The Once and Future EHR
On the Occasion of the 100th Birthday of Morrie Collen, MD
Biomedical Informatics Pioneer
In 1968 Morrie and colleagues published “Computer-Stored Medical Record” in Computers and Biomedical Research. The abstract from that article follows.
“In order to satisfy all the input and output requirements and process all the forms of essential medical information for all office and hospital visits for the lifetime of a patient, it has become necessary to develop a more complex programming system for a variable-length and variable-format computer-stored medical record. This programming system is designed to control and coordinate general and fundamental routines which include the handling of direct access storage, as well as remote terminal input and output devices.
“An encoded computer-stored patient medical record, organized basically as a tree-structure record, is partitioned into patients’ visits which are subdivided into parts containing medical history, examination findings, diagnoses, laboratory and X-ray reports, etc. Active patient records are permanently stored on a large mass storage (Data Cell) device, but temporarily are moved to high-speed random-access disc drives while the patient is under actual care in the hospital or outpatient clinics. Although the computer record can store straight English text, in order to conserve storage space, the system utilizes an English word dictionary to encode diagnoses and an item catalog to identify standard tests and procedures, standard medical questions, etc.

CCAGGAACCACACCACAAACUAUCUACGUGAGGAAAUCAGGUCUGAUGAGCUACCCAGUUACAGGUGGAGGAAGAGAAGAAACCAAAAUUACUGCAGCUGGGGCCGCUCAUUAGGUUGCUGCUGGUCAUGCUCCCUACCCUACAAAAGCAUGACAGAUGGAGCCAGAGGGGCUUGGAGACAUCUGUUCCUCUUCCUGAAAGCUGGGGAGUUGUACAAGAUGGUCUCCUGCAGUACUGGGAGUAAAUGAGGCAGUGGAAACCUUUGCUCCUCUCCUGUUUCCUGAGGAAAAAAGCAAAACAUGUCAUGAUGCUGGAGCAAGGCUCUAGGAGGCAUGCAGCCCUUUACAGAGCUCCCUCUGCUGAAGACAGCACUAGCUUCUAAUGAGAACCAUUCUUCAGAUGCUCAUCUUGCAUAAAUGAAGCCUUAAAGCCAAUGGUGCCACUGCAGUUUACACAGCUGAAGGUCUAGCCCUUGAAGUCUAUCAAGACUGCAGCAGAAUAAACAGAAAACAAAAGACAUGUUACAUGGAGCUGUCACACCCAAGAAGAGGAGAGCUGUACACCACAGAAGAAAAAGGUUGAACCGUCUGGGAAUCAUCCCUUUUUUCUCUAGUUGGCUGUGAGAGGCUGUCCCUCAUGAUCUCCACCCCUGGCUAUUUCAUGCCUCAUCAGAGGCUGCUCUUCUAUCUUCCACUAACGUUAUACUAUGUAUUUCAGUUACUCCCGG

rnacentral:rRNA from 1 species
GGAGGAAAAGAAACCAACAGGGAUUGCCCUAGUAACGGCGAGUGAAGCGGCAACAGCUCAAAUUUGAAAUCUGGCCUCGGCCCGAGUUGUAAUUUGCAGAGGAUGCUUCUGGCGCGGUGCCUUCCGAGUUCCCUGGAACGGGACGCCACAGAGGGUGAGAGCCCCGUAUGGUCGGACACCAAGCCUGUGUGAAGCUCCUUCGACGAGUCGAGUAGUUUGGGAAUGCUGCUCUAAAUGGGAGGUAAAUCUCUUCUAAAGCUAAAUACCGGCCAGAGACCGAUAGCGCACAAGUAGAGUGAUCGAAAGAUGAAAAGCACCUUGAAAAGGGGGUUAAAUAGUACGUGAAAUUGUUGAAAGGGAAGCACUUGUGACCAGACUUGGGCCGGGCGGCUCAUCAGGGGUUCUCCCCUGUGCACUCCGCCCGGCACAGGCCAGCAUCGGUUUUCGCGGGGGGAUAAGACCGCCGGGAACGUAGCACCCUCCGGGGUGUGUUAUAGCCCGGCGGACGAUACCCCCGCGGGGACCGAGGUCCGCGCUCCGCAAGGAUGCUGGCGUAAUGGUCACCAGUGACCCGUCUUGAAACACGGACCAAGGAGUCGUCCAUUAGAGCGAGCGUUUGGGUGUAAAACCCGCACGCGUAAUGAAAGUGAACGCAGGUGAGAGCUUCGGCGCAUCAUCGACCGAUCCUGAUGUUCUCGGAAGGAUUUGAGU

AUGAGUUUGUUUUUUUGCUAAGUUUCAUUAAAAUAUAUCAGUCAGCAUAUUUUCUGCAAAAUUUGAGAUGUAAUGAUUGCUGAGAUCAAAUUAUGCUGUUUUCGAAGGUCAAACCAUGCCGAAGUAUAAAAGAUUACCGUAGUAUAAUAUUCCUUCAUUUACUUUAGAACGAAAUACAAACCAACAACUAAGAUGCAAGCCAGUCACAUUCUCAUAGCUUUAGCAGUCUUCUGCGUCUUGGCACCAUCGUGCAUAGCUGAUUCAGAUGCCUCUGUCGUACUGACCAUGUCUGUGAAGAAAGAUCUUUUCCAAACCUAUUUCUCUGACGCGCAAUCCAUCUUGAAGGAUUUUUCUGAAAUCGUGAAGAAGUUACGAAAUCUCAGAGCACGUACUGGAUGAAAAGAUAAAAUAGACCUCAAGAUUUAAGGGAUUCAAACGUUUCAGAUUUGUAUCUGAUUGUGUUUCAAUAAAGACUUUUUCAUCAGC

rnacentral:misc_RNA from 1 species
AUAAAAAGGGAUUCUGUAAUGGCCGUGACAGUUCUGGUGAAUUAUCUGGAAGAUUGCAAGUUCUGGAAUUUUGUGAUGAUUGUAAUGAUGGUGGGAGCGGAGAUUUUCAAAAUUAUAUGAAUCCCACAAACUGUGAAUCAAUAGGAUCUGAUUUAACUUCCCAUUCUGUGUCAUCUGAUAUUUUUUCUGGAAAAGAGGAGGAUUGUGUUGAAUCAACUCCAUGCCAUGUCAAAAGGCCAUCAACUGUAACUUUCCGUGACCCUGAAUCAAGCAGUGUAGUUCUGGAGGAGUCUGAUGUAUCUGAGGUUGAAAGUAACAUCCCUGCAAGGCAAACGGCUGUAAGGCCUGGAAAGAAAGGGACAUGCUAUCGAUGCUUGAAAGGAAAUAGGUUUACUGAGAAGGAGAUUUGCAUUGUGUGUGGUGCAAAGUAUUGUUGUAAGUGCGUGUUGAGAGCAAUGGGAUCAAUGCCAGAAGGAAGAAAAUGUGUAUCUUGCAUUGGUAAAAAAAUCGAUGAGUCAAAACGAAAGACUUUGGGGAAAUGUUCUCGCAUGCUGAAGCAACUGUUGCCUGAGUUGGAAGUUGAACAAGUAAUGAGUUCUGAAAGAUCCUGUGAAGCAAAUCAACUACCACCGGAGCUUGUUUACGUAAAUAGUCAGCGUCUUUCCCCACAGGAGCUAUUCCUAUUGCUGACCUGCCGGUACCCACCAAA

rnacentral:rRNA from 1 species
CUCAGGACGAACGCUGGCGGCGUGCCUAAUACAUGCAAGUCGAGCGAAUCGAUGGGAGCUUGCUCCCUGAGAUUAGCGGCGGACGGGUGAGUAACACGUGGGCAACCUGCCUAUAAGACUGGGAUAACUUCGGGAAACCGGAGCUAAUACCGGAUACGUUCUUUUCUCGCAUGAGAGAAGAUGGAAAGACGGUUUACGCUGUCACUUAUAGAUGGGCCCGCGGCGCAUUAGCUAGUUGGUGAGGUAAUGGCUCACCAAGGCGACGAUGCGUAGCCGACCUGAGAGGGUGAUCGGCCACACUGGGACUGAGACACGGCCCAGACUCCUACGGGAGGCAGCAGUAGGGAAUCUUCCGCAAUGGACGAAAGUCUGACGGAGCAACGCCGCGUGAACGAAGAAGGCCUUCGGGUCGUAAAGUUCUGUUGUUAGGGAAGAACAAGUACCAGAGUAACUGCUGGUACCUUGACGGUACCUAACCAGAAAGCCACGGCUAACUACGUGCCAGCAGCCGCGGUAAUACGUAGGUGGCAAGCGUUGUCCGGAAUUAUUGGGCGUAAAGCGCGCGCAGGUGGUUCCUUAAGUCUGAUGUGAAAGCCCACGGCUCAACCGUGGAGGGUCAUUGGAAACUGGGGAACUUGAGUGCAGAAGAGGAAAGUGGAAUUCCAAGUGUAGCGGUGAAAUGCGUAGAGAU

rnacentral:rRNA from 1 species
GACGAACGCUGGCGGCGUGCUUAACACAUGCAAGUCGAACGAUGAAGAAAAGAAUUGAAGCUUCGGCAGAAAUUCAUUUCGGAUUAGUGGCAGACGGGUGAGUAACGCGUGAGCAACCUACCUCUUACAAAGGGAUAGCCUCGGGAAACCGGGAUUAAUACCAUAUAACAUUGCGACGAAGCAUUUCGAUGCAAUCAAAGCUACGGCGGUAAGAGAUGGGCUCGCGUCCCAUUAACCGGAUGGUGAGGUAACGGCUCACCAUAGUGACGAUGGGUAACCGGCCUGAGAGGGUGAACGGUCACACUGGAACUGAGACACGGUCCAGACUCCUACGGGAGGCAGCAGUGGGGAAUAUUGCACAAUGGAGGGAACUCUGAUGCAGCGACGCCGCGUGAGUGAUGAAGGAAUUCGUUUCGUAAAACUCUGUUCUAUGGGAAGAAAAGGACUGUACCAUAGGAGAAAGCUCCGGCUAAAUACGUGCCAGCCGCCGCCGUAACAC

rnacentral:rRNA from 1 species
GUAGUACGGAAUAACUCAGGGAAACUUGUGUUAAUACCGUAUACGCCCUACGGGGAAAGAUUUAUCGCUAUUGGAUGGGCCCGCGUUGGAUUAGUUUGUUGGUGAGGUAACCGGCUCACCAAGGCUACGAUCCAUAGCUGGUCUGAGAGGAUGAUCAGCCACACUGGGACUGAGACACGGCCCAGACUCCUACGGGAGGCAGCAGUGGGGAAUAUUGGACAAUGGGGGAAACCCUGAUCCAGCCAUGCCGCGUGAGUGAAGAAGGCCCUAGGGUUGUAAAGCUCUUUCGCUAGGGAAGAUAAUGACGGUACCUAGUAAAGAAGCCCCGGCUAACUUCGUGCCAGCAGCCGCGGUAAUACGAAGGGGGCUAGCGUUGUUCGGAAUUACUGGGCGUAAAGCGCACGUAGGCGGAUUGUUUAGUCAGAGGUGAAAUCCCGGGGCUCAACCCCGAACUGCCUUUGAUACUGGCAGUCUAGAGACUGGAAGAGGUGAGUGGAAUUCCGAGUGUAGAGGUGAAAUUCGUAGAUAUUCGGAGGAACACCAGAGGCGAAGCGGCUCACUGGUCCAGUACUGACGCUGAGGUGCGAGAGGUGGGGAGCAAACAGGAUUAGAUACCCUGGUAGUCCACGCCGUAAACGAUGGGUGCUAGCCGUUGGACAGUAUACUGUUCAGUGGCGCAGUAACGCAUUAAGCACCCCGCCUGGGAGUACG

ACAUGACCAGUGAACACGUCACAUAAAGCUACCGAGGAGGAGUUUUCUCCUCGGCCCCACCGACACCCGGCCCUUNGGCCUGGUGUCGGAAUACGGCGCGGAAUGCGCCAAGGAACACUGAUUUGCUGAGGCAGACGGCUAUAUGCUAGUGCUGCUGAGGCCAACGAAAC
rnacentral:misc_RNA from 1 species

“To permit convenient revision of input and output forms, the system includes an input language compiler, a medical report generator, and an information retrieval compiler. The multiprogramming system allows multiple medical functions to operate simultaneously and permit access to the same patient’s records. Such a system requires extensive communications equipment to handle input and output requirements for multiple facilities and at least some limited backup capabilities in the event of equipment failure.”
- Morrie and his colleagues wrote: “…essential medical information for all office and hospital visits for the lifetime of a patient….” Morrie was among the first to recognize that information was not just important for delivering care, one delivers care by managing information. Or as Don Berwick has said: Information IS care.
- Morrie and his colleagues recognized the centrality of the data dictionary as the heart and soul of the EHR and that it had to make clinical sense. This was because Morrie was fundamentally a clinician, not a computer geek. Hence the systems and programs they created had to serve clinicians and their patients, and they did.
- These basic tenets of Biomedical Informatics were reflected in the landmark 1997 IOM report, The Computer-Based Patient Record: An Essential Technology for Health Care. Many of us participated on that IOM Committee and its meetings. This was the only in-depth personal interactions that I had with Morrie, a kind and gentle but strong force of leadership on the Committee. This IOM report led to the HITECH Act and the wide implementation of EHRs we are experiencing.
So where do we go now, building on the leadership of Morrie and his generation of Titans?
- Interoperability: We pay a lot of lip service to having health information follow patients wherever they go, but right now, that’s just an aspirational goal. A family friend called me last week from NYC and asked me to help her find a general internist. She eventually rejected both of the people I referred her to because her ophthalmologist, whom she liked a lot, wanted her to see a general internist in the same system so she could see their electronic records. We need to be able to exchange data easily between systems, and to do so we need a sustainable business model for health information exchanges.